“Young people graduating from Catholic schools should have a keen understanding of being called as Christians to work for the common good — and to do so through a life that is deeply rooted in Christ,” says Christiaan Alting von Geusau and Philip Booth in this week’s Acton Commentary. The full text of his essay follows. Subscribe to the free, weekly Acton News & Commentary and other publications here.
The Purpose of Catholic Education and the Role of the State
Catholic educational institutions should have three goals in order to be able to fulfill their primary mission to allow students to “encounter the living God who in Jesus Christ reveals his transforming love and truth” (Pope Benedict XVI). These objectives are: to provide an environment in which students are enabled to build and deepen their relationship with God; to foster an academic culture aimed at the pursuit of truth; and to actively promote growth in virtue.
When Christ is the center of all we do, then we are enabled to redirect our focus of life towards an understanding of the world in which we live that is geared towards the promotion of human dignity and the common good. Young men and women graduating from Catholic schools and universities should have the keen understanding of being called as Christians to work for the common good and to do so through a life that is deeply rooted in Christ, combined with a vigorous desire to pursue the truth of things, to live through and with reality rather than merely being guided by constantly changing feelings and preferences.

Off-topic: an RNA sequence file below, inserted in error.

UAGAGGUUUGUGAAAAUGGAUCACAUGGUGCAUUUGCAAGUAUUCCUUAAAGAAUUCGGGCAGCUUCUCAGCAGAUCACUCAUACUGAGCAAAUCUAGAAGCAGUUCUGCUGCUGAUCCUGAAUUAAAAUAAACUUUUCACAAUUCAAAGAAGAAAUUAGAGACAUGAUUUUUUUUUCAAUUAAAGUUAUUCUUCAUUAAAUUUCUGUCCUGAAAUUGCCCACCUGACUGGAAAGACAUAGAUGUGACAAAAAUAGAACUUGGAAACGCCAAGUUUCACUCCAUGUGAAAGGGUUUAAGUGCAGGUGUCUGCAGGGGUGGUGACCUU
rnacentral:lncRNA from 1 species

It is at this point that the primary importance of what we would call “virtue-oriented” formation becomes visible. Catholic schools should let the educational endeavor be guided by a constant promotion of the virtues, especially the cardinal virtues of prudence, justice, fortitude and temperance. No matter how strong the faith of a person might be, without a certain degree of practice in the virtues, it will be hard not to be led exclusively by the emotions and impressions that constantly enter our minds.